The 175' is at a 115 degree or so turn on the trail as it heads up a small drainage and then makes the sharp turn and traverses a slope. The Rucker tulips are a group of four tulips that are on the left of the trail. They are nearly in the low drainage that you follow at Baxter Creek climbs, perhaps 2/10 of a mile before the sharp turn. The best way to measure them is obviously 20 to 30 yards uptrail. The second tallest known mountain silverbell is lower down in the drainage at 133' or so.

Baxter Creek boasts many more 170' than I found. It is one of the most measured spots due to its incredible richness and its relative ease of access. The surprising thing is that no 180's have been found there, or in Big Creek, as far as I know, but that may change on Sunday, provided we don't get too much rain over the next few days.

The tallest sycamore is in the drainage that crosses the Baxter Creek Trail before it begins the ascent in primary cove. I'll check on that and all of the other records as well on Sunday.
Brian

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bbeduhn
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Re: Big Creek

Post by bbeduhn » Mon Mar 23, 2020 12:06 pm

I got back to Big Creek but was not able to check out all that I wanted to. Some unexpected tulips caught my eye and I was stuck in one cove much longer than was expected.

First off, in Big Branch , the tallest white ash resides. Unfortunately, it appears that EAB has claimed it as a victim. All of the tips of branches have broken off. It still reaches to 161.4', but it previously topped 167'! The Ash King is not expected to leaf out at all this year. Some ashes send out epicormic branches as a result of EAB, but I didn't notice any.

On the good side, Big Branch's sycamores are growing rapidly. I didn't get to explore beyond the Ash King this time so I have just a few numbers from the cove. Tulips don't enjoy this cove but they are certainly enjoying the next cove.

Fraxinus Americana The Ash King 161.4'
Platanus occidentalis 153.0' 151.2' 145.5' 142.7'
Aesculus flava 130.0'

Dancing Sycamores Cove

I'd been in this cove on two occasions and measured a tall tulip but the tulips appeared to be so young and skinny. They are young and skinny but they are extremely tall. Big Creek has a new tallest tree, just one cove before The spot where the first 170' was recorded, The Rucker Tulip. The two tallest known sycamores reside here as well. The Smokies' new tallest red elm and sweetgum reside here. The elm has been measured plenty of times in the past but was supplanted by a red elm just upstream. It appears to have taken back the title, but just barely. The sweetgum is on the fast track to 150', and may even compete with the tallest in Congaree in another 6-8 years. I couldn't get the same numbers on the sycamores as I did three years ago. The trees may have suffered slight crown die back, but they are notoriously difficult to measure and may still be 165' and 163'.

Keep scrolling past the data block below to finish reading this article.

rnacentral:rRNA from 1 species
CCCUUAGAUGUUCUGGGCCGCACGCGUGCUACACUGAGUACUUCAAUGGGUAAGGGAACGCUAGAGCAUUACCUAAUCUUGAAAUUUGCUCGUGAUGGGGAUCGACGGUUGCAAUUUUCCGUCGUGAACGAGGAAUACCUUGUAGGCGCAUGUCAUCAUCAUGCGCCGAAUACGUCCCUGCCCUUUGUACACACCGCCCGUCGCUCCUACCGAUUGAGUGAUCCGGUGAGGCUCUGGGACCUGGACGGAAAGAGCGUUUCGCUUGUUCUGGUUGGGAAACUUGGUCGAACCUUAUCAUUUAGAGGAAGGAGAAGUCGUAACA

Liriodendron tulipifera
186.1' 178.5' 172.5' 169.1' 164.0' 163.1' 162.2' 162.1' 161.0' 160.6'
159.3' 158.9' 158.6' 157.4' 154.0' 154.0' 153.8' 153.7' 153.2' 151.7' 150.8'
Ulmus rubra
135.0' 134.1' 128.8'
Aesculus flava
140.4' 139.6' 138.2' 136.3' 124.1'
Platanus occidentalis
162.9' 159.6' 147.5' 145.9' 144.3'
Halesia monticola
106.7'
Liquidambar styraciflua
147.9' 135.1'
Carya ovata
115.4'
Fraxinus biltmoreana
127.3'

Along Big Creek
Pinus strobus
150.3'

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bbeduhn
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Re: Big Creek

Post by bbeduhn » Tue Mar 24, 2020 8:35 am

Dancing Sycamore Cove Rucker 143.97'

1. tuliptree 186.1'
2. sycamore 165.5'
3. basswood 150.3'
4. sweetgum 147.9'
5. yellow buckeye 143.1'
6. black locust 137.0'
7. red elm 135.0'
8. Biltmore ash 132.7'
9. sugar maple 122.3'
10. red maple 119.9'

Big Creek overall Rucker 157.53'

1. tuliptree 186.1'
2. white ash 167.1'
3. sycamore 165.5'
4. bitternut hick 156.3'
5. red oak 155.7'
6. cucumbertree 151.9'
7. white pine 150.3'
7. basswood 150.3'
9. sweetgum 147.9'
10. sugar maple 144.2'

Big Creek should have the second highest overall Rucker in the East. Cataloochee should still be number one but I don't have all of the Cataloochee numbers as most are from the previous forum. Deep Creek and Elkmont, also in the Smokies, shouldn't be far behind. Ourside of the Smokies, Tamassee Knob in SC has a Rucker of 155.4', in third place as far as I can tell. Congaree and Davidson River also top 150'. Davidson is at 150.9'.